U.S. schools and childcare programs could be required to include daily exercise as part of the new National Physical Activity Plan released recently. This is, in my opinion, critical to the health of our school children – physically, emotionally, and intellectually.
In my book SuperSized Kids: How to protect your child from the obesity threat and on my SuperSized Kids Web site I write at some length about this problem. (You can learn more about my book from the links at the bottom of this blog.) Here are a few of the facts I discuss:
- Due to the “No Child Left Behind” legislation, schools kids have less Physical Education and daily physical activity programs.
- Without any question, the No. 1 barrier to physical activity in schools is the perception that time spent in PE and recess will undermine academic learning.
- But, all of the studies of which I am aware show the exact opposite: Physical education and daily physical activity programs for all students (K-12) results in INCREASED school performance.
- Furthermore, several studies demonstrate that when children’s fitness needs are met, they do better on standardized tests.
Here’s more on the new plan from Reuters Health:
With two-thirds of adult Americans and a third of children overweight or obese, the need for more activity is dire, health experts said in launching the plan.
The plan calls for changes in medical school curricula, local regulations to encourage construction of sidewalks, playgrounds and parks, guidelines for doctors on counseling patients, and a return of organized exercise to school days.
The report acknowledged what it said was pressure on schools to improve academic standards. “These pressures, combined with the trend toward children being driven to school and other factors, have reduced the amount of time children and adolescents are physically active during the school day.”
The plan was launched by Health and Human Services Secretary Kathleen Sebelius, the National Coalition for Promoting Physical Activity, American Heart Association and the American College of Sports Medicine. It spans law, policy, schools and medicine with recommendations that include:
- A national program to educate Americans about how to help themselves and others exercise more.
- More funding of research into how to get people to exercise.
- Including physical activity education in the training of all health care professionals.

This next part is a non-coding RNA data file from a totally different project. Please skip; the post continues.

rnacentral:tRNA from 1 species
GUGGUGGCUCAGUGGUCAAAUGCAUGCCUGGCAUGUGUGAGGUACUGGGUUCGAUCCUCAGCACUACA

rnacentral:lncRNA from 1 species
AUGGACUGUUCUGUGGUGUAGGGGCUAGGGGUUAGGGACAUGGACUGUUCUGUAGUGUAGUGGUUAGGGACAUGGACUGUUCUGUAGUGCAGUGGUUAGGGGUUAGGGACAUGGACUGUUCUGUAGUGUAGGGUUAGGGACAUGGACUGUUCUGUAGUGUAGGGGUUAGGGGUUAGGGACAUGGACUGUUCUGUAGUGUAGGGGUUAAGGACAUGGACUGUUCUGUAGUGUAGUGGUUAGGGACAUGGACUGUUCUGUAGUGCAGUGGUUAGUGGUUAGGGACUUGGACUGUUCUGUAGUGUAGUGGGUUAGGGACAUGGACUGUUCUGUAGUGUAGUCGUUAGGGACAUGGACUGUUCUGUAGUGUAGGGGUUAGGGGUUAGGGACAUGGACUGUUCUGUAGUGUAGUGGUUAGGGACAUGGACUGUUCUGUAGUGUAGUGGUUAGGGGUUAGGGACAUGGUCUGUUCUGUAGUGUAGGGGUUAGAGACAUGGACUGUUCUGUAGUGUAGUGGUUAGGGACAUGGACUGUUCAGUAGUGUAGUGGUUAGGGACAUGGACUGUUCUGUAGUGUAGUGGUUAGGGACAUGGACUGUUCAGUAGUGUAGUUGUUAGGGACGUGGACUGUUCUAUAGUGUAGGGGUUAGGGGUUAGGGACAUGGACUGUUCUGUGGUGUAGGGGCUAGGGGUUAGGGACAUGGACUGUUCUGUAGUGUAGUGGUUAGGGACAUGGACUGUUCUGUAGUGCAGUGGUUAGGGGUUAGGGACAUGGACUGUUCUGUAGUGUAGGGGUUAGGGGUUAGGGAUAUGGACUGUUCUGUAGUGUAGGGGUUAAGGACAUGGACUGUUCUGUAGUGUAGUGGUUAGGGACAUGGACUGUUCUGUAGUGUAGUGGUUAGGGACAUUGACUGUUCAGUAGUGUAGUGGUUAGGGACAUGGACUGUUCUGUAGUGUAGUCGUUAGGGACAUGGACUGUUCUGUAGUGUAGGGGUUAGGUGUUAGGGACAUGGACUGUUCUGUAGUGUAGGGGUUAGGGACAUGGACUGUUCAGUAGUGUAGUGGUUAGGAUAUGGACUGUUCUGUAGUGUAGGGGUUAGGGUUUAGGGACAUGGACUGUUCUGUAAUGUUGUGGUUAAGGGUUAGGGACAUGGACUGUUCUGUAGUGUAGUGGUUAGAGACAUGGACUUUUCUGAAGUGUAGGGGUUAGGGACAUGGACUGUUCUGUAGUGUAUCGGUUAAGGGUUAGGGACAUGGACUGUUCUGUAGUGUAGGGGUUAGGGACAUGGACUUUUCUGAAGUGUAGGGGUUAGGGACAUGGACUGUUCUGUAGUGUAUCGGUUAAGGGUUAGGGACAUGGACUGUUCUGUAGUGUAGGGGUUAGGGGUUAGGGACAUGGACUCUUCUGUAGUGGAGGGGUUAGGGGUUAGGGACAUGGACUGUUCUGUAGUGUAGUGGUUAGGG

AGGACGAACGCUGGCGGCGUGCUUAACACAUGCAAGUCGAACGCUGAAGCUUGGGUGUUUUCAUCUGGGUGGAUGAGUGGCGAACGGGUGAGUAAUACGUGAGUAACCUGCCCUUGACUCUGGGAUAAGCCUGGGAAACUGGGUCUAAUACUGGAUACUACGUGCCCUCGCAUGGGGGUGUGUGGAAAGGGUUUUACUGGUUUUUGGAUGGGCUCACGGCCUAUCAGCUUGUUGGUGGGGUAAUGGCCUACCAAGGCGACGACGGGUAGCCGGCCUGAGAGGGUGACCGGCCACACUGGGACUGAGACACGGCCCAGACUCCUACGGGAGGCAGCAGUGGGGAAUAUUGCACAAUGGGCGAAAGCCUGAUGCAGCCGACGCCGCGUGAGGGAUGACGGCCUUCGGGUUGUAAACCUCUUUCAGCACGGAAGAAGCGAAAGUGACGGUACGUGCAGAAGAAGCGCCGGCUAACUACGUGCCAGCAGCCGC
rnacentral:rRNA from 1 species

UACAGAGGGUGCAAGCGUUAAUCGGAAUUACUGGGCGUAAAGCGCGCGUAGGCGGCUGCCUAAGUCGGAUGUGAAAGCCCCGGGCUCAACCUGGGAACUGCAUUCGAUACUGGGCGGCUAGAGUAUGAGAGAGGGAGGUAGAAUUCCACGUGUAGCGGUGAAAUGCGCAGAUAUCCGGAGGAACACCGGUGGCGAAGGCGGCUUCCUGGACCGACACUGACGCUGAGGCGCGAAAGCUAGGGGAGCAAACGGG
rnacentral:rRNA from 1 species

- Making physical activity a patient “vital sign” that all health care providers assess and discuss with their patients.
- Putting a field for tracking physical activity in electronic medical records and electronic health records.
- Making physical inactivity a treatable and preventable health condition, with payments to doctors for a physical inactivity diagnosis.
- Developing state and school district policies requiring schools to account for the quality and quantity of physical education and physical activity programs.
- Ensuring that early childhood education settings for children up to age 5 promote physical activity and discourage sedentary behavior.
- Providing access to and opportunities for physical activity before and after school.
- Enacting federal legislation to support these strategies.
- Developing local policies and joint use agreements for school gyms and community recreation centers.
- Requiring a physical activity component in all state and federally funded after-school programs.
Most research shows that adults and children alike need at least one hour of moderate physical activity a day to stay healthy and keep from gaining weight. Regular exercise reduces the risk of heart disease, stroke and other chronic illnesses.
“Unfortunately, nearly a quarter of the U.S. population does not participate in any physical activities,” Heart Association CEO Nancy Brown said in a statement.
Until such a plan is implemented, what can you and your family do? Obtain a copy of SuperSized Kids: How to protect your child from the obesity threat and review loads of tips on how to protect your family: